By Rachel Wilson, Political Reporter
In a rich country such as the UK, there should be certain minimum standards below which no one should fall.
In 2010, for the first time ever, the government set itself the target to end childhood poverty for good. Households Below Average Income (HBAI) is the definitive national measure of relative child poverty as set out in the Child Poverty Act 2010 and is based on an annual Family Resources Survey.
According to the latest figures, 17% of children (2.3 million) live in households in the UK with incomes below 60% of median household income Before Housing Costs (BHC), and 27% (3.5 million) After Housing Costs (AHC). The preferred measure of low income for children is based on incomes measured BHC, as AHC measures can underestimate the true standard of living for families who choose to spend more on housing.
Average income in 2011/12 was £427 per week (BHC). This means that the threshold to determine if a child is living in a household of relative low income, 60 per cent of average income, is £256 per week.
In March 2010 the Child Poverty Act was passed, which legally binds the government to a commitment to eradicate child poverty in the UK by 2020.
However, a recent report by the Social Mobility and Child Poverty Commission, chaired by Alan Milburn, predicts that “the UK is not on track to meet the statutory goal of ending child poverty by 2020. The best projections we have suggest that the target will be missed by a considerable margin, perhaps by as many as 2 million children in relative poverty.”
Being born, and growing up, in poverty blights young lives. There are higher rates of ill health among poorer children, due to factors such as living in cold, damp, over-crowded housing. Infants in the poorest families have an almost ten times higher chance of dying suddenly in infancy than those in the highest income group. Being poor as a kid brings with it the stigma of not having the right clothes, not being able to afford school trips or holidays, and not being able to afford to invite friends round for tea.
The Family Resources Survey includes questions on material deprivation, which asks whether families are able to afford to buy essential items or services, or to participate in leisure or social activities. Such questions include: “Does your child/ do your children have a warm winter coat? Does your child/ do your children attend at least one regular organised activity a week outside school?”.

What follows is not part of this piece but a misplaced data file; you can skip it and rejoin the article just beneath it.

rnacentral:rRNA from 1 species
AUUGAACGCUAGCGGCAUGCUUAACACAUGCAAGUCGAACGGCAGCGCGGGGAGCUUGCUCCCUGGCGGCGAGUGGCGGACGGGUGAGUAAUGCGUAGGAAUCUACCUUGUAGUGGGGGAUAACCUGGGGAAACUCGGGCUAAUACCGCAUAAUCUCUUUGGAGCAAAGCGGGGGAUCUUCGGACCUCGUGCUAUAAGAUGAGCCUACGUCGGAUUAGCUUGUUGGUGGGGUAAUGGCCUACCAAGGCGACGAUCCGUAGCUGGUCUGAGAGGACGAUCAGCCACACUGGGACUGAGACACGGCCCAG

As poor children go through the school system many are bullied, which leads to school absences, lower grades and low self esteem. It is well documented that children who are eligible for Free School Meals achieve significantly lower grades at GCSE than their richer peers. Many more are too ashamed to claim the free meals they are entitled to. A downward cycle is set in motion from a young age, and it is a remarkable child who can break through the barriers of poverty and shine.
A recent report from The Children’s Commission on Poverty quotes children who live in poverty. In their own words: ”I can’t buy clothes, I am using a USB cable coz I don’t have a belt and I cant buy one”; I want to go on holiday because I’ve never been, I’d like to see what’s there”; ”They say they are free schools, but they are not really, you have to buy all the right things”; “If my trousers are too short then people notice and call it ankle biters, I feel self-conscious then”.
Children are paying the price, and suffering the consequences of poverty, as the Children’s Commission on Poverty’s report notes: “To be poor in an essentially wealthy society is a very particular and stigmatising experience, and children are well aware of this”.
The Government launched a consultation in 2012 on a new national measurement of child poverty. The consultation proposes that, as well as income, the new multidimensional measure should include whether a child lives in a family with debt problems, lives in poor housing or a troubled area, lives in an unstable family environment, attends a failing school, has parents without the skills they need to get on or has parents who are in poor health.
It has been widely criticised as confusing a measure of poverty with potential causes and conditions of poverty. The Child Poverty Unit, which is the government body responsible for developing the new measurement, has yet to publish its final response.
The direction of future government policy will determine whether we end child poverty through tackling the causes of poverty (the most important measure of which is income) or instead to blame the poor, and by extension poor children, for the situation they find themselves in.
As David Laws admits, at the beginning of the Government’s consultation: “Income – or rather the lack of a decent income – is and will always be at the heart of what it means to be poor “.